Electronic-vehicle makers’ stocks (EVs) are among the hottest investments on the market today. For example, the market cap of Tesla TSLA,
Still a start-up worth over $1 trillion despite celebrity status and Rivian Automotive RIVN,
A start-up EV maker that just went public, raised over $100 billion. Meanwhile, the market cap of the titans of the automotive industry, while higher, remains relatively modest. For example, Ford Motor F,
$76 billion and General Motors GM,
at $84 billion.
The vast difference in multiples probably reflects a longstanding investor preference for pure-play businesses over more diversified businesses. Pure-play is easier to understand, provides greater visibility into the business, and can also entice high growth and expectation-based investments. One thing we can guess is this: investors with an appetite for EVs are different from those who invest in traditional car companies.
Ford and GM could easily wind up those businesses, but there are almost certainly valuable benefits for these automakers to continue to incubate EVs alongside traditional vehicles. But that doesn’t mean the giants can’t create a little more visibility — and valuations — for their EV businesses. answer: tracking stock,
GM was really a pioneer in doing this when it hired colorful Texas billionaire H. The tracking stock was invented to solve a problem for Ross Perot. GM acquired Perot’s company, Electronic Data Systems (EDS). He and many of his employee-shareholders were concerned that EDS’ performance would be lost within the GM giant.
They wanted to make sure that EDS’ superior performance would be rewarded regardless of how the rest of GM performed, including the relative time horizons of each company. Solution: EDS Group accepted shares in GM, but performance was tied to the economics of EDS and the associated time horizon, referred to as “Class E” stocks.
The invention was so effective that GM copied it the following year, acquiring Hughes Aircraft Company – using the currency GM “Class H” stock. Both trackers remained in place for more than a decade, until GM discontinued the units, distributing all of GM’s stock to GM shareholders to become freestanding companies. GM’s tracking stock worked so well for all concerned that the model has been copied multiple times.
For example, in 1991–92, the US Steel Corporation enjoyed synergy through common control of diversified subsidiaries such as the Delhi Group and Marathon Oil, which shared gas-processing plants and together less than once were independent. Enjoyed the borrowing cost. But businesses had different economics so that a tracking stock would retain the benefits of both common controls, while increasing visibility into the tracked business would have benefits for stockholders and managers alike. The solution worked for a decade until USX discontinued Marathon Oil.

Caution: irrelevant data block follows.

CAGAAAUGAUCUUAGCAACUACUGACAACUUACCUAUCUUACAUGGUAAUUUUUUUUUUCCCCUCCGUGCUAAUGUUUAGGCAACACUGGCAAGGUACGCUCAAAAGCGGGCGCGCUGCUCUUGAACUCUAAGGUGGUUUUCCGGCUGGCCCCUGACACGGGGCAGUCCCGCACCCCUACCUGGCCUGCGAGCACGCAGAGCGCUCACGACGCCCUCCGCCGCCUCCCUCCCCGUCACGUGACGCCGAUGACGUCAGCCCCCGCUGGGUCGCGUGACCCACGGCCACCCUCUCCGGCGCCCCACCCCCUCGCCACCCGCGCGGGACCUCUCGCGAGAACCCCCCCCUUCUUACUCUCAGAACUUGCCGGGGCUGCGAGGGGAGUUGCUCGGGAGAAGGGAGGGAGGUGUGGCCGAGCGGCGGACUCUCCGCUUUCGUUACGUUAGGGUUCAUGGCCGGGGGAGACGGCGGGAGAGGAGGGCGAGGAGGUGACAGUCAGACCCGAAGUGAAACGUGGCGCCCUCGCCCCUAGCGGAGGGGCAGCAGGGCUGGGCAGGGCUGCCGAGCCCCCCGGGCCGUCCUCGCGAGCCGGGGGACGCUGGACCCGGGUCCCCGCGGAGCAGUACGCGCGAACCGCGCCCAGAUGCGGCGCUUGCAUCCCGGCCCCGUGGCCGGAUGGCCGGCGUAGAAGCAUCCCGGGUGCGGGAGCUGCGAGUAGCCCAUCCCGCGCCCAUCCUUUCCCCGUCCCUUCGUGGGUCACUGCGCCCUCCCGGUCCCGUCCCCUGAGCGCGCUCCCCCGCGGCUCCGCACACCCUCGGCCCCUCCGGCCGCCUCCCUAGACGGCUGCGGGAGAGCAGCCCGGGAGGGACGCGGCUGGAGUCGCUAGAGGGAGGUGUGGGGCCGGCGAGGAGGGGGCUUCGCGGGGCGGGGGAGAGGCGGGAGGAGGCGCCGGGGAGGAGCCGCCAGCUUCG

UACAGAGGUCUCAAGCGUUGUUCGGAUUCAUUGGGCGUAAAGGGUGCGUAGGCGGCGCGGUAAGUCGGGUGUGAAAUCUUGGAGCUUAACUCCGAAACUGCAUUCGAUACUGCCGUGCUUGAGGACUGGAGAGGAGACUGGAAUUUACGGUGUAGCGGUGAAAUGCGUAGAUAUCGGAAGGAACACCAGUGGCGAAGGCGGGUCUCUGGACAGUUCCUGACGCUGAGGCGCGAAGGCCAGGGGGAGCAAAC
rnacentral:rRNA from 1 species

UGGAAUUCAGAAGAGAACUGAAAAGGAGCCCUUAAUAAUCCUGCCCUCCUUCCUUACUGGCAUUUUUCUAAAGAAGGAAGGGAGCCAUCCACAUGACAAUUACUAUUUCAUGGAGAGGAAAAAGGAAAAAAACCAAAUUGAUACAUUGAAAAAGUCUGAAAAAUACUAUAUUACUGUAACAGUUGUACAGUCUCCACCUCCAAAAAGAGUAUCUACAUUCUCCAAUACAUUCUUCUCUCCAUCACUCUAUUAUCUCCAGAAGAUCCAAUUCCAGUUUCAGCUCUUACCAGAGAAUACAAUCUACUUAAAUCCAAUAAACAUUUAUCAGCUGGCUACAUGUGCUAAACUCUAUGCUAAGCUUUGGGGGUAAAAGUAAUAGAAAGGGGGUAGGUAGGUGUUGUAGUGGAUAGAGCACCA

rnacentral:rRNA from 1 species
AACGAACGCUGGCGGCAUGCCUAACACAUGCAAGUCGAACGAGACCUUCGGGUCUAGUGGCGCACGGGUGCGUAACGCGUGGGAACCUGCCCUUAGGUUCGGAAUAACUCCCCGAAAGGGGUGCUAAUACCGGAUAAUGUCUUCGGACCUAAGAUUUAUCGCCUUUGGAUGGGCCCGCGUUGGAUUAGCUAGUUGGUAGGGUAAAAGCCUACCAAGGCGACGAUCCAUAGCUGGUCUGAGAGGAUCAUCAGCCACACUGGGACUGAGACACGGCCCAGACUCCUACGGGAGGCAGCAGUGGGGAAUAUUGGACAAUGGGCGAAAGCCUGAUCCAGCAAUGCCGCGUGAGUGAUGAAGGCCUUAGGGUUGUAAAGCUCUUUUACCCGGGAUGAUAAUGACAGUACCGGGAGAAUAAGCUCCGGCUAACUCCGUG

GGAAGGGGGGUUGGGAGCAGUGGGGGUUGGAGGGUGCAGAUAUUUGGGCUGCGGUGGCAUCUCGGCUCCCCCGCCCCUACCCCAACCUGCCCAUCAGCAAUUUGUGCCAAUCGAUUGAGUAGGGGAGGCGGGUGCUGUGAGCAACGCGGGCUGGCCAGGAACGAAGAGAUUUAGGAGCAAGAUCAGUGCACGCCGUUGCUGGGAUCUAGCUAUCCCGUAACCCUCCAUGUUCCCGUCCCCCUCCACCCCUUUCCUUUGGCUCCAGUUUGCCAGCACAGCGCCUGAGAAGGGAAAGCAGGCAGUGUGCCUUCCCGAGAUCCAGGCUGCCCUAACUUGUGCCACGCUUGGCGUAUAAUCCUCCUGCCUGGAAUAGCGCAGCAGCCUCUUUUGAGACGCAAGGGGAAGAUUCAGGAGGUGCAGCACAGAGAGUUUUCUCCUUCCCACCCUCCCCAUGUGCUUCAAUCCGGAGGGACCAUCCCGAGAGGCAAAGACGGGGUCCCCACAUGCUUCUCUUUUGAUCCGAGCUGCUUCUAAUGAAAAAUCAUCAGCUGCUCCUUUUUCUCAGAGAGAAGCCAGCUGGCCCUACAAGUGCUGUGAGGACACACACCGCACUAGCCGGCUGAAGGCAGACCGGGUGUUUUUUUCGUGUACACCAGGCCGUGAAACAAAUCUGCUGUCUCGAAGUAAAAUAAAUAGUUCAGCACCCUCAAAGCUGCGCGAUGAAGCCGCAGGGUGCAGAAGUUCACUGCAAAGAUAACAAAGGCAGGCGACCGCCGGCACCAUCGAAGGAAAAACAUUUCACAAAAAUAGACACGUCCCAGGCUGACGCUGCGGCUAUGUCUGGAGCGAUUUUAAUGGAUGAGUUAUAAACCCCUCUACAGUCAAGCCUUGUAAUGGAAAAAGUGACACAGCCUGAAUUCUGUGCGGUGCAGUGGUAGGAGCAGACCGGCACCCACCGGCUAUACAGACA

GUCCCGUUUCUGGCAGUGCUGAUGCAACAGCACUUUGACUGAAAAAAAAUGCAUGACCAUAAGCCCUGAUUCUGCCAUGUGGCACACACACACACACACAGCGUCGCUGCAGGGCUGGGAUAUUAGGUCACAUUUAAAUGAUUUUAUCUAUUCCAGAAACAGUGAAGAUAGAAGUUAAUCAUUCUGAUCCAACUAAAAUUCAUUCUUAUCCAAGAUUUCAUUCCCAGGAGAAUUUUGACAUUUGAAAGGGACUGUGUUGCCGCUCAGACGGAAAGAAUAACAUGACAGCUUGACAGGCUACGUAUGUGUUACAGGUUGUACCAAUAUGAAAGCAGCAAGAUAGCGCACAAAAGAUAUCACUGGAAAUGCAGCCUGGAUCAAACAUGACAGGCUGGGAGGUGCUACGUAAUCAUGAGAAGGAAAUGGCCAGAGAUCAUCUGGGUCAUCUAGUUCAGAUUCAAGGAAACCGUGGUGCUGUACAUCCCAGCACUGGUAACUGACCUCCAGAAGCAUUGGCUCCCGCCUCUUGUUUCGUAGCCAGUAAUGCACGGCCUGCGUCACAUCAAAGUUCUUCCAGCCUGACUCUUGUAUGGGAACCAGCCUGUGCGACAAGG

In 1995, following a breakdown of AT&T’s distrust of the government,
US West was a regional telephone company that also owned cable and cellular assets. Long-term investors attracted to the stability of the telephone utility away from the volatility of media assets; Short-term investors seeking rapid growth had the opposite taste.
The trackers met the demand of each, housing all the functions under common control, synergies related to harvesting. To further cater to the tastes of investors, the utility side paid regular dividends as the media side reinvested the proceeds. The best part was that the system could be tweaked as circumstances changed. In fact, in 1998, the US West exited the media business after synergies proved elusive.
In the mid-1990s, iconic investor and telecoms mogul John Malone used trackers to split the economics of various media assets, which he called TeleCommunications Inc. (TCI) for decades. In addition to other benefits ranging from antitrust to taxes, Malone felt that cable assets with programming, for example, were better combined from an operational standpoint than separate. Yet they displayed different economic characteristics. Using tracking stock for such businesses can translate into higher price-earnings multiples, which can be valuable when using the stock to acquire other companies.
As for the downsides, as iconic investor Bill Ruen once lamented: On Wall Street, the process goes from innovation to imitation to irrationality. The same was true for trackers, as they spread through the technology sector in the late 1990s. A common theme involved a traditional company offering trackers in an Internet subsidiary – critics complained that helped fuel the irrational enthusiasm that fueled the bubble.
Debate ensued over the trackers, with some dismissing them as mere financial engineering that did nothing to increase fundamental value. Champions argue that they are a real financial achievement that increases value by cleverly combining assets to satisfy individual investor appetites while maintaining economic efficiency.
The truth is more mixed: some trackers are mere engineering and some are real achievements. The issue becomes whether there is a compelling argument for a particular tracker. Ford and GM both seem to have compelling arguments for offering tracking stock for their electronic-vehicle businesses. It would certainly be easy to name them: “Class EV” stocks.
Lawrence A. Cunningham is a professor at George Washington University, the founder of quality shareholder group, and the publisher, since 1997, “Warren Buffett’s Essays: Lessons for Corporate AmericaFor an update on Cunningham’s research on quality shareholders, visit register here,
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